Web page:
Background: The interpregnancy interval (IPI) is defined as the time between a live birth or stillbirth and the onset of a subsequent pregnancy. Short IPIs (60 months) have been associated with congenital anomalies, labor dystocia, and pre-eclampsia. While patients receive a great deal of counseling regarding contraception, it is unclear if they receive counseling about the IPI.
Purpose: To assess prenatal care providers’ knowledge of the recommended IPI, determine whether or not they provide counseling on the IPI, and if provided, what recommendations they make.
To assess if prenatal care patients are aware that short IPIs are associated with adverse obstetric outcomes.
Methods: Of patients greater than 24 weeks gestation seeking prenatal care at the UIC Center for Women’s Health between November 2014 and March 2015, 330 patients were approached and 281 completed the survey. Descriptive statistics, chi-square analysis and multivariable logistic regression were used for data analysis.
Secondly, 6,685 prenatal care providers were randomly selected to receive a survey between January and April 2015 with 344 responses collected. Descriptive statistics were performed.
Findings: Patient Survey: Women who did not pursue education beyond high school had a decreased likelihood of being familiar with the IPI and of being aware that a short IPI can adversely affect neonatal outcomes. Those women receiving prenatal care from certified nurse-midwives were less likely to be aware that a short IPI can affect maternal health as compared to those women receiving prenatal care from obstetricians and maternal fetal medicine specialists. Non-Hispanic Black and Hispanic race/ethnicity were associated with a decreased likelihood of being familiar with the IPI, as compared to Non-Hispanic White women. In addition, Non-Hispanic Black race/ethnicity was associated with a decreased likelihood of being aware that a short IPI can adversely affect maternal health, as compared to Non-Hispanic White women.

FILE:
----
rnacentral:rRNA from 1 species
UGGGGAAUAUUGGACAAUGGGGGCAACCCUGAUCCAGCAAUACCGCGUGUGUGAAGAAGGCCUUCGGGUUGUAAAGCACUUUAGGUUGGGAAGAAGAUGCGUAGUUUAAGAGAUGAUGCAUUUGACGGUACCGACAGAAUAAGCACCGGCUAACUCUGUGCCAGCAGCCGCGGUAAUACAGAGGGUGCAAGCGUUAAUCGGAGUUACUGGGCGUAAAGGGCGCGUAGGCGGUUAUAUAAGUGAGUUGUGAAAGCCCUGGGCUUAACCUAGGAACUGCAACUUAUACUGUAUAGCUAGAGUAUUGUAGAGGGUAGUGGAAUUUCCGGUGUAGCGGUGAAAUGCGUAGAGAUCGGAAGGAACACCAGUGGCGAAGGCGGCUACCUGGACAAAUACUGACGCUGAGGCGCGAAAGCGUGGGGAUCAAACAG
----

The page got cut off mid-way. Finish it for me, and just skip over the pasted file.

Provider Survey: The majority of prenatal care providers were aware that short IPIs can be associated with adverse maternal and perinatal outcomes, but far fewer were aware that long IPIs can be similarly associated with adverse outcomes. A higher proportion of certified nurse-midwives, as compared to family medicine physicians and obstetrician/gynecologists, counsel all or most of their patients on the optimal IPI.
Conclusions: There is a gap in communication between patients and providers about the IPI. Increases in patient and provider awareness about the importance of discussing ideal birth spacing may improve reproductive life planning.